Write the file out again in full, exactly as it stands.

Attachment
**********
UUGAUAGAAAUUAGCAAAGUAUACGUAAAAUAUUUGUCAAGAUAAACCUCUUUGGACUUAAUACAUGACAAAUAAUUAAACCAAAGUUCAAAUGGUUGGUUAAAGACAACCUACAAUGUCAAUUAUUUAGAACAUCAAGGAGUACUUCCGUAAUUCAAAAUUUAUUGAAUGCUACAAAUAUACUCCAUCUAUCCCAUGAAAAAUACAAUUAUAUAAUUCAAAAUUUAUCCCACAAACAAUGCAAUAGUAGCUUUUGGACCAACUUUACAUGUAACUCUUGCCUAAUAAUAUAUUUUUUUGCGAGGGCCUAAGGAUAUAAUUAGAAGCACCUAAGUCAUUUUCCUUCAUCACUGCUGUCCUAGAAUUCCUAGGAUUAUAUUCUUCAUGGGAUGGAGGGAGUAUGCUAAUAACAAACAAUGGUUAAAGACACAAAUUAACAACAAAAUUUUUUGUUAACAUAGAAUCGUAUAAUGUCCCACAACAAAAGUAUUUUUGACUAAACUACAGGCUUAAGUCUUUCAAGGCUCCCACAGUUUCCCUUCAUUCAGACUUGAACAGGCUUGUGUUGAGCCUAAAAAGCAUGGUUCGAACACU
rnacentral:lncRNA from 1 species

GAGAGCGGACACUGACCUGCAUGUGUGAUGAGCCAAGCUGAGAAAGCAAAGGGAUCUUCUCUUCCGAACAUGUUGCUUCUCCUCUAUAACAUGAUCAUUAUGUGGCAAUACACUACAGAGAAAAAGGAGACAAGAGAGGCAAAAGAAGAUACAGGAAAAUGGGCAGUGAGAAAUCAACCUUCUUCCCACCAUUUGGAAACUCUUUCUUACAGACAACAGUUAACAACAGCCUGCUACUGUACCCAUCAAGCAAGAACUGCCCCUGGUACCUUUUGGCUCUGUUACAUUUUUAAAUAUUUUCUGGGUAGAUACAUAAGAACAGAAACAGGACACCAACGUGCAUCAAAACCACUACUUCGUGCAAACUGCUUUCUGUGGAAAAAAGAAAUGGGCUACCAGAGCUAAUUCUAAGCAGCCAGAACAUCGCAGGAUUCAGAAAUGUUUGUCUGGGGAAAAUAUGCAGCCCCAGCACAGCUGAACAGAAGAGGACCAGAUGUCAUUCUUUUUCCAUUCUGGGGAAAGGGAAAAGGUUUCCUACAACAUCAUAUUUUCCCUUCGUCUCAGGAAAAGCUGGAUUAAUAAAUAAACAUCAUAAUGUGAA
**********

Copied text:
UUGAUAGAAAUUAGCAAAGUAUACGUAAAAUAUUUGUCAAGAUAAACCUCUUUGGACUUAAUACAUGACAAAUAAUUAAACCAAAGUUCAAAUGGUUGGUUAAAGACAACCUACAAUGUCAAUUAUUUAGAACAUCAAGGAGUACUUCCGUAAUUCAAAAUUUAUUGAAUGCUACAAAUAUACUCCAUCUAUCCCAUGAAAAAUACAAUUAUAUAAUUCAAAAUUUAUCCCACAAACAAUGCAAUAGUAGCUUUUGGACCAACUUUACAUGUAACUCUUGCCUAAUAAUAUAUUUUUUUGCGAGGGCCUAAGGAUAUAAUUAGAAGCACCUAAGUCAUUUUCCUUCAUCACUGCUGUCCUAGAAUUCCUAGGAUUAUAUUCUUCAUGGGAUGGAGGGAGUAUGCUAAUAACAAACAAUGGUUAAAGACACAAAUUAACAACAAAAUUUUUUGUUAACAUAGAAUCGUAUAAUGUCCCACAACAAAAGUAUUUUUGACUAAACUACAGGCUUAAGUCUUUCAAGGCUCCCACAGUUUCCCUUCAUUCAGACUUGAACAGGCUUGUGUUGAGCCUAAAAAGCAUGGUUCGAACACU
rnacentral:lncRNA from 1 species

GAGAGCGGACACUGACCUGCAUGUGUGAUGAGCCAAGCUGAGAAAGCAAAGGGAUCUUCUCUUCCGAACAUGUUGCUUCUCCUCUAUAACAUGAUCAUUAUGUGGCAAUACACUACAGAGAAAAAGGAGACAAGAGAGGCAAAAGAAGAUACAGGAAAAUGGGCAGUGAGAAAUCAACCUUCUUCCCACCAUUUGGAAACUCUUUCUUACAGACAACAGUUAACAACAGCCUGCUACUGUACCCAUCAAGCAAGAACUGCCCCUGGUACCUUUUGGCUCUGUUACAUUUUUAAAUAUUUUCUGGGUAGAUACAUAAGAACAGAAACAGGACACCAACGUGCAUCAAAACCACUACUUCGUGCAAACUGCUUUCUGUGGAAAAAAGAAAUGGGCUACCAGAGCUAAUUCUAAGCAGCCAGAACAUCGCAGGAUUCAGAAAUGUUUGUCUGGGGAAAAUAUGCAGCCCCAGCACAGCUGAACAGAAGAGGACCAGAUGUCAUUCUUUUUCCAUUCUGGGGAAAGGGAAAAGGUUUCCUACAACAUCAUAUUUUCCCUUCGUCUCAGGAAAAGCUGGAUUAAUAAAUAAACAUCAUAAUGUGAA